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"Every child should have mud pies, grasshoppers, waterbugs, tadpoles, frogs & turtles, elderberries, wild strawberries, acorns, hickory nuts, trees to climb, animals to pet, hayfields, pine cones, rocks to roll, sand, snakes, huckleberries and hornets – and any child who has been deprived of these has been deprived of the best part of his education." -Luther Burbank 1849 - 1926
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Oil Spill Effects and Cleanup Options

I had a call from a concerned resident of Louisiana ... "How could they use human hair to reduce the impact of oil on their shores?" he asked. San Francisco uses matts of human hair donated by hair salons to help soak up oil -- you know how porous human hair is! This article might point to some solutions for people to get started EARLY is preventing damage to the ecosystem -- and human hair could be one of the many, many solutions needed.

While the initial effects of the massive Gulf Coast oil leak could be devastating to coastal wetlands and beaches, the subsequent cleanup could be even more damaging to the sensitive eco-systems, said a wetlands expert in Indiana University's School of Public and Environmental Affairs (SPEA).

Wetlands Science

"Let's say that they're able to stop the leak, the best thing they can do is to try to intercept the oil before it comes ashore ... Sometimes the cleanup itself can be as hard on the environment as the oil itself," said Christopher B. Craft, the Janet Duey Professor in Rural Land Policy at IU Bloomington and past president of the Society of Wetland Scientists, an international organization devoted to sound wetland science, management and stewardship.

"They do things like pressure washing rocks and sand, and any kind of attached organisms get blown off," he added. "They may end up excavating sand off beaches. The marshes, which really dominate Louisiana coastline, are mostly vegetation and cleanup there is really going to be problematic."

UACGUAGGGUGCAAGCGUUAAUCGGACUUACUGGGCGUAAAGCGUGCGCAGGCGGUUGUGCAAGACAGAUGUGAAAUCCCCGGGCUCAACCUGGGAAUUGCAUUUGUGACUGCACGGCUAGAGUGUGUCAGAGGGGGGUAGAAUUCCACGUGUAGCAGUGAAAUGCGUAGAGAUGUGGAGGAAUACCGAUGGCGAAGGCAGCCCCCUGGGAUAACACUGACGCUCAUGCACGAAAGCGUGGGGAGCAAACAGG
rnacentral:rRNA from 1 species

Gulf States Affected: Louisiana, Mississippi, Alabama... and Florida

Oil from the massive leak in the Gulf of Mexico has started reaching coastal wetlands along the Louisiana coast and is expected to reach the shores of Mississippi and Alabama as well.

"The biggest problem now is that they can't seem to stop the leakage," said Craft, who studies biogeochemical cycling of carbon, nitrogen and phosphorus in coastal and inland wetlands, focusing on restoration of tidal marshes, such as those found along the Gulf coast

Drill Baby Drill

The scope of risk presented by 30,000 oil wells in the Gulf of Mexico has not been thoroughly evaluated for the danger to our marine and coastal environment, our food supply, or our economy.

"If they could do stop the leakage, they could at least contain the problem, but from what I understand it's going to be weeks, possibly even months before they're able to do that," he added. "The fact that there doesn't seem to be a quick solution to stopping the leaking is what concerns me the most."

Yes, it will affect the food in YOUR grocery stores

Craft said the region's coastal fisheries industries, which supply shrimp, shellfish, oysters and crabs to our nation's supermarkets and restaurants, are at risk. Fish also are affected, but he is more concerned about "the things that can't swim quickly to get out of affected areas."

The IU professor has previously seen the effects of a major oil spill on a coastal region. He was involved in the restoration efforts necessary because of the Amoco Cadiz, a crude oil tanker that ran aground off the coast of Brittany, France in 1978. At that time, it was the largest oil spill ever.

Cleanup of the Gulf Spill Will Take YEARS

It will take several years for affected Gulf Coast areas to be cleaned and recover, and will depend on how much oil actually comes ashore.

"Nature will recover on its own, but in the absence of some human help, it will take a long time," he said.

Source: Indiana University